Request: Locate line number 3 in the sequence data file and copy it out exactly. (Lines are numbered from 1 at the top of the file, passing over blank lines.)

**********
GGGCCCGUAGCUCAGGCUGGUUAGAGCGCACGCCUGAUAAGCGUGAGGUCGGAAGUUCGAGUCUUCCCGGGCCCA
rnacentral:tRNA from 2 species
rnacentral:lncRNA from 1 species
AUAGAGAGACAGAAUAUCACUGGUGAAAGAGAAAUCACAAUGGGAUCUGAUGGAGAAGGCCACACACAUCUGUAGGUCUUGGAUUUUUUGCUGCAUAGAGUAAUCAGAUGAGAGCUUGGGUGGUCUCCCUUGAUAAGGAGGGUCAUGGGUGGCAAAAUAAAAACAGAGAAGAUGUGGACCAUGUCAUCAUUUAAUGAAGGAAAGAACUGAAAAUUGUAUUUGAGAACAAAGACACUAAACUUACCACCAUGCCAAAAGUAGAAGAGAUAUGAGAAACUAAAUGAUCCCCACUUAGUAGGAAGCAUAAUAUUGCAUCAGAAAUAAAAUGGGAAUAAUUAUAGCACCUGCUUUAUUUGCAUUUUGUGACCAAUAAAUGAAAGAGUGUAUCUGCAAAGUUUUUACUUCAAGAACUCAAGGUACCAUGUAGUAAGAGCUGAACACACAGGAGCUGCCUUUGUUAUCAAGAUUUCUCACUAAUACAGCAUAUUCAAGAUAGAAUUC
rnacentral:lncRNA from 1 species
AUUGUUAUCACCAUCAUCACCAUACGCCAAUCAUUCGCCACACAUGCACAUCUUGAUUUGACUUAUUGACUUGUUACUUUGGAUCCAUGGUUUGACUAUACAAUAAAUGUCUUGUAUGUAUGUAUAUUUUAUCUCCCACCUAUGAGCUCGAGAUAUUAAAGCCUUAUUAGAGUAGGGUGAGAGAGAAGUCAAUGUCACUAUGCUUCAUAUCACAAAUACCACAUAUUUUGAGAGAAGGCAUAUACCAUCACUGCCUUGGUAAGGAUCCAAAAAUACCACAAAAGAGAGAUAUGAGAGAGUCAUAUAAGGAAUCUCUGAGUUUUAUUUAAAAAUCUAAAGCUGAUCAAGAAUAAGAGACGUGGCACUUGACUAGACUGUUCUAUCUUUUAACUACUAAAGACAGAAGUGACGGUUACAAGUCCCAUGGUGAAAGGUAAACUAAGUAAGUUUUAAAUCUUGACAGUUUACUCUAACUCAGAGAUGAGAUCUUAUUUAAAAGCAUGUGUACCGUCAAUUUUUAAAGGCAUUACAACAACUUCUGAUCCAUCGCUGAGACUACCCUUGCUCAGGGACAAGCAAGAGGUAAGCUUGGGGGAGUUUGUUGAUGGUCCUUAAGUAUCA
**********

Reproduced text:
rnacentral:lncRNA from 1 species